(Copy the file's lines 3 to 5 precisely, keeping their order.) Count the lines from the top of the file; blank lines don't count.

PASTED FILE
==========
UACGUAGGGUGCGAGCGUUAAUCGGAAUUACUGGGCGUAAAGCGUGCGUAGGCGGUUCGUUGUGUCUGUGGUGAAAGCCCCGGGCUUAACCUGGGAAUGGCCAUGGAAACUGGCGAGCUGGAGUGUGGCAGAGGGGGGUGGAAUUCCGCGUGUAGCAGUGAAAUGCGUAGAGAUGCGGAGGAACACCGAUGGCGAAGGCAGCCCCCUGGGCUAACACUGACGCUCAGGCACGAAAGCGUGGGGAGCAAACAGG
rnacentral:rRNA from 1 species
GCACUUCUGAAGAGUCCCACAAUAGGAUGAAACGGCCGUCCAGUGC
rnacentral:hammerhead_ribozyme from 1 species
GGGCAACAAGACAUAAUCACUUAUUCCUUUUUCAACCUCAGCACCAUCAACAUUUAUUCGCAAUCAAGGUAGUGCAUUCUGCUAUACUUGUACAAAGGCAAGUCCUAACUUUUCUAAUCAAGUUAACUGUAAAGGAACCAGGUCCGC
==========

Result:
GCACUUCUGAAGAGUCCCACAAUAGGAUGAAACGGCCGUCCAGUGC
rnacentral:hammerhead_ribozyme from 1 species
GGGCAACAAGACAUAAUCACUUAUUCCUUUUUCAACCUCAGCACCAUCAACAUUUAUUCGCAAUCAAGGUAGUGCAUUCUGCUAUACUUGUACAAAGGCAAGUCCUAACUUUUCUAAUCAAGUUAACUGUAAAGGAACCAGGUCCGC